New study shows evidence that health information exchanges improve care, reduce costs
An updated systematic review of recent studies of health information exchanges found evidence the exchanges reduced both the cost of health care and its use. That contrasts with an assessment published three years ago that found little such evidence.
The new findings "represent progress in reaching the national goals of better-quality care, improved population health and lower costs," said Nir Menachemi, a professor in the Indiana University Richard M. Fairbanks School of Public Health at IUPUI, chair of the school's Department of Health Policy and Management, and the study's lead investigator.
Benefits reported from the current systematic review include fewer duplicated procedures, reduced imaging, lower costs and improved patient safety.
Health information exchanges allow doctors, nurses, pharmacists and other health care providers to share a patient's computerized medical information electronically.
"Up until this point, the promise of health information exchanges to improve care and reduce costs has been theoretical," Menachemi said. "We now have reasonably strong evidence that there are benefits to using health information exchanges."
Researchers found community health information exchanges were more likely to produce benefits than proprietary or enterprise health information exchanges. Community health information exchanges are those in which any provider in a community can share information about any patient. Proprietary health information exchanges are those that limit access, for example, to just one hospital and certain health care providers.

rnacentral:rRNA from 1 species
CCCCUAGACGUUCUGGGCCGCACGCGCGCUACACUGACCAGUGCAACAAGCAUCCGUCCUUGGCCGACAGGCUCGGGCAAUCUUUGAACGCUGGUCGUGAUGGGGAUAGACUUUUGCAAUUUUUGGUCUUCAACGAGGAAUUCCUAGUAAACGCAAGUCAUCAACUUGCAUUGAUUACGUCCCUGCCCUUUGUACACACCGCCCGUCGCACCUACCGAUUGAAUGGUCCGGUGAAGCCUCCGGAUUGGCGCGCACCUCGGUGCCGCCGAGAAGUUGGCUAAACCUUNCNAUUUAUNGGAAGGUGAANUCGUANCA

"It looks like community health information exchanges might be more likely to achieve improved outcomes," Menachemi said.
The current review focused on 24 articles including 63 health information exchange analyses that were published between May 2014 and June 2017. Among all analyses, 68.3 percent reported a beneficial effect from health information exchanges, and 7.9 percent reported an unexpected adverse effect. The remaining analyses reported no effect.
Only weak evidence was reported linking health information exchanges to reduced costs, use of health services or quality of care when the first systematic review of health information exchanges was published in 2015. Menachemi was also the lead investigator of that review.
Several reasons might explain why there is a difference when it comes to the evidence between the two reviews, Menachemi said. One might be that the more current studies were examining more mature health information exchanges that have evolved to be more effective than earlier-generation systems.
"If so, this finding bodes well for health information exchange's ability to deliver on anticipated improvements in the delivery of care," Menachemi said.